Whisky Magazine Issue 12
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A freelance writer devoted to whisky, Martine Nouet is also a keen advocate of malt whisky dinners. She runs 'cooking with malt whisky' classes in Paris and wants to promote the blending of whisky with fine food.
Being a frequent traveller to Scotland and always on the look-out for the most charming B & B or country house hotels with genuine Scottish fare, I am always surprised to notice a lack of dishes cooked with whisky on the menus. It is a fact that, apart a few traditional delights like cranachan or haggis laced with a generous dash of whisky, Scottish Cookery books do not promote the use of whisky in the
preparation of food.
When you really think about it, it is the same in France with wine. Except great classics such as coq au vin or boeuf bourguignon, there are not many French dishes using wine. A gourmet foreigner dining in a French restaurant could be surprised in the same way as I am in Scotland. The general idea which prevails among people reluctant to use wine or spirits in cooking is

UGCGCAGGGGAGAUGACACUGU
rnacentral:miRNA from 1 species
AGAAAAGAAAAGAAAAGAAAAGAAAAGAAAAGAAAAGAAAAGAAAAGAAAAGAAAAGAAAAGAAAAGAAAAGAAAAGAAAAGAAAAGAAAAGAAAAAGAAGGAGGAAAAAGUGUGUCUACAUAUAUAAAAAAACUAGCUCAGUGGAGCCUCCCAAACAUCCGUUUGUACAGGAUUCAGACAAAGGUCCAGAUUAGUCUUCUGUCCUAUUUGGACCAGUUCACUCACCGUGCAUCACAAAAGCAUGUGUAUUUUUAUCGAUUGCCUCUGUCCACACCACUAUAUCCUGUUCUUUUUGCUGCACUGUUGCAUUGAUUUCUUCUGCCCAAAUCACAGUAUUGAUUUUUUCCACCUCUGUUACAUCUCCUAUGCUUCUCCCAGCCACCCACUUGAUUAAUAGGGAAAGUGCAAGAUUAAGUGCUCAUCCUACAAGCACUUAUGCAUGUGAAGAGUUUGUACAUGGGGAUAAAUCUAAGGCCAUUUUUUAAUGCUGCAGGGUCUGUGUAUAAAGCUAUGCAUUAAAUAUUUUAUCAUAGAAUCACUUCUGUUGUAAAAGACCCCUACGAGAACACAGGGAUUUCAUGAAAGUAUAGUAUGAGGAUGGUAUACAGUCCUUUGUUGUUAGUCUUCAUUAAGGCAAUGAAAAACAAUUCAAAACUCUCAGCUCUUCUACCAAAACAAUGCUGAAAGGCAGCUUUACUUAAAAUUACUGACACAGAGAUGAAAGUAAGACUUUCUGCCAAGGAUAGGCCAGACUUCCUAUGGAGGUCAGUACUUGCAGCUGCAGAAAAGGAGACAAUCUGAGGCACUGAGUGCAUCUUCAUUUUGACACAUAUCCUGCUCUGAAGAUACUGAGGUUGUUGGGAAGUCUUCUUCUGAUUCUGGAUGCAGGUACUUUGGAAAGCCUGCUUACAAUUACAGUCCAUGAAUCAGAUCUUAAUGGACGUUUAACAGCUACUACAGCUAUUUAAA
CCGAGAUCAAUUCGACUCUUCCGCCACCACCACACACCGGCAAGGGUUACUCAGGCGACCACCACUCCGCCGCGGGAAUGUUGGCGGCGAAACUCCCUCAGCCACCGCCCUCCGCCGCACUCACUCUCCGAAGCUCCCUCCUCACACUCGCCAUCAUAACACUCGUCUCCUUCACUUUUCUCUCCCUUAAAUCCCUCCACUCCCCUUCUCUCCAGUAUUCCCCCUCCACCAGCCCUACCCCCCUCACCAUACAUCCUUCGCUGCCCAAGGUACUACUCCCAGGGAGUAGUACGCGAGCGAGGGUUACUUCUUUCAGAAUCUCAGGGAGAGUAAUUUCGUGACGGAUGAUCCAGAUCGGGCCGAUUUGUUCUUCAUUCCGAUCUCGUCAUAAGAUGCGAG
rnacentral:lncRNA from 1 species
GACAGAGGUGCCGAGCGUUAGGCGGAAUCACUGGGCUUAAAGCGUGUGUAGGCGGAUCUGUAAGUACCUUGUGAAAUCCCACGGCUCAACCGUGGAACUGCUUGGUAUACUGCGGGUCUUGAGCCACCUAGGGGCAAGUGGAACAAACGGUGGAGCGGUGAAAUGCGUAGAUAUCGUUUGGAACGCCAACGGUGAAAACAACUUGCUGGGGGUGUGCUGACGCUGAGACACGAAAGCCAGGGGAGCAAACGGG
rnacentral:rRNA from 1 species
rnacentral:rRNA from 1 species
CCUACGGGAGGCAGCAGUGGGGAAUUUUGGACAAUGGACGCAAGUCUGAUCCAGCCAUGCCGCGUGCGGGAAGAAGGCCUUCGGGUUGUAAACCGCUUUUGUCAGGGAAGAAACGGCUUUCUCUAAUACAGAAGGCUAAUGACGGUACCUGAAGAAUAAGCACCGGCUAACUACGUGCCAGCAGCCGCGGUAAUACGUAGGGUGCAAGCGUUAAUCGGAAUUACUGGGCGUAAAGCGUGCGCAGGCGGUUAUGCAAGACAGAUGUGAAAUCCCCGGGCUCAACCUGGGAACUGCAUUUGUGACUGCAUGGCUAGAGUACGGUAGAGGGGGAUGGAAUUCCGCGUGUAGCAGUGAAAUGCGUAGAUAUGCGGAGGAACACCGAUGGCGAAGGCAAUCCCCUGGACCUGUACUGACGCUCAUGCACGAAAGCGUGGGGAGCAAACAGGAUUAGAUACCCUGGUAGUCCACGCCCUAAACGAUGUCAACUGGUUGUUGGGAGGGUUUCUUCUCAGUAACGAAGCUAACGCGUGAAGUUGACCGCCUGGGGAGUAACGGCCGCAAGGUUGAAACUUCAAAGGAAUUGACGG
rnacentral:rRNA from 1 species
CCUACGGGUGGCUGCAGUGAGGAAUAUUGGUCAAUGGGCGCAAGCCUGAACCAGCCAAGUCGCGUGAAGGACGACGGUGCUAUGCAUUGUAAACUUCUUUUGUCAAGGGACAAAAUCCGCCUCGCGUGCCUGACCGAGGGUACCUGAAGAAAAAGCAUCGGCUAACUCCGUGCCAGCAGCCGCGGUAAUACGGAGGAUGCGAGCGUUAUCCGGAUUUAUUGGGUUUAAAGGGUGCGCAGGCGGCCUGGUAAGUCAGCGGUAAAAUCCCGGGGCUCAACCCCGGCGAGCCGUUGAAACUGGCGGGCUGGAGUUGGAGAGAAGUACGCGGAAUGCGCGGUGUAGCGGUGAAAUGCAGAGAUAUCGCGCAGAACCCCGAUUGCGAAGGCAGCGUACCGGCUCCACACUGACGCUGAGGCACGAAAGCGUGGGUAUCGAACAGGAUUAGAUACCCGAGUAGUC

that you should not ‘waste' a good drink in a sauce. Their verdict on a poor whisky or cognac would be ‘it's not drinkable and should be kept for cooking'.
And this is why in France you will always find flasks of cheap port, madeira, brandy or whisky specially bottled for cooking. Personally, I would not even use these alcoholic solutions to clean my windows.
Whisky, from the glass to the plate
Single malt whisky is my companion in the kitchen - though don't come to the conclusion that I drink whisky when I cook! It's not about adding any malt whisky to any dish, cooking is a complex chemistry in which aromas and tastes interlace for the best. Or the worst.
Before creating a reci...